It is very common for people to automatically equate fast driving with unsafe driving and slow driving with cautious and safe driving.  This is definitely not the case, however.  On a major road near my house with 2 lanes going each direction and a posted speed limit of 50mph, it was about 11:00pm and as I’m driving along, of course at about 65mph, I come up to a car driving almost perfectly right over the dotted white line, going about 40mph.  Once we reached a wider portion of the road I was able to pass the car, which coincidently was being driven by a senior citizen.  Please let me know how this can be considered safe.  Sure I was exceeding the speed limit, but I was able to see the other car with adequate time to slow down and avoid a collision, so how am I driving unsafely?  If there were a cop in that area, I would definitely bet that I would get pulled over much sooner than the senior citizen would.




The following is a speech that I wrote for my Public Speaking class during my Freshman year.  A lot of it is repetitive of what I’ve already said and pretty poorly written, but I’m including it because it has some real examples and statistics that I think can help the case.  I hope it proves to be informative.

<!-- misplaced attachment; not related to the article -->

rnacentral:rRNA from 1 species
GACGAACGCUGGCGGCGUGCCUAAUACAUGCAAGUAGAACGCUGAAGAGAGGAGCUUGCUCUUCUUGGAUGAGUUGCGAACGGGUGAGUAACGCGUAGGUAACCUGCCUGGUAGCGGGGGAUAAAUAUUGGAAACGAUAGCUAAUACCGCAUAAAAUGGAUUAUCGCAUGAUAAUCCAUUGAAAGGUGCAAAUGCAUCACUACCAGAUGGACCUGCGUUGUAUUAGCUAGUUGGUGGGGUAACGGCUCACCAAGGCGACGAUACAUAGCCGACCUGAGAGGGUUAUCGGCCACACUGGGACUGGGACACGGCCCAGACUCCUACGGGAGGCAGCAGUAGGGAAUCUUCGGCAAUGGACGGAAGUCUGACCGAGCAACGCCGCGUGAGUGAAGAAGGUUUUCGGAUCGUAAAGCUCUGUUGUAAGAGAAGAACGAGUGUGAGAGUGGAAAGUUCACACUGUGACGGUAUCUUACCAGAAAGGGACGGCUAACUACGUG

Imagine it is summer vacation and you and four of your friends decide to take a trip to go to attend a concert, but all that you get is a trip to the hospital after your car swerves out of control and flips over after an encounter with a reckless driver with Alzheimer’s Disease.  Well if your friend was driving and his name was Jason Suroff, you don’t have to imagine this because your friend Jason is now dead as a result of this accident.   It doesn’t require an imagination to realize the danger that elderly drivers can potentially pose on the roads.  I’m sure all of us have been, at one time of another, cut-off by an oblivious senior citizen behind the wheel.  Or been driving on the interstate and get caught behind another senior citizen going 15 mph under the speed limit.  One common rebuttal to such arguments is that teenagers like us are more dangerous at the wheel, so these scenarios are our fault and the senior citizens are just more “cautious;” therefore many states have made laws restricting teenagers’ driving privileges.  The truth is that elderly drivers are just as dangerous as teenage drivers are reputed to be, if not more dangerous.  Not much attention is ever paid to the number of traffic accidents and fatalities caused by our older citizens because they are accredited with wisdom and experience, whereas teenagers are accredited with foolishness and ignorance.  The only way to solve this problem is to identify its causes.  After its causes are identified, then an effective solution can be implemented.  After an effective solution is implemented, then thousands of lives of people like Jason will be saved.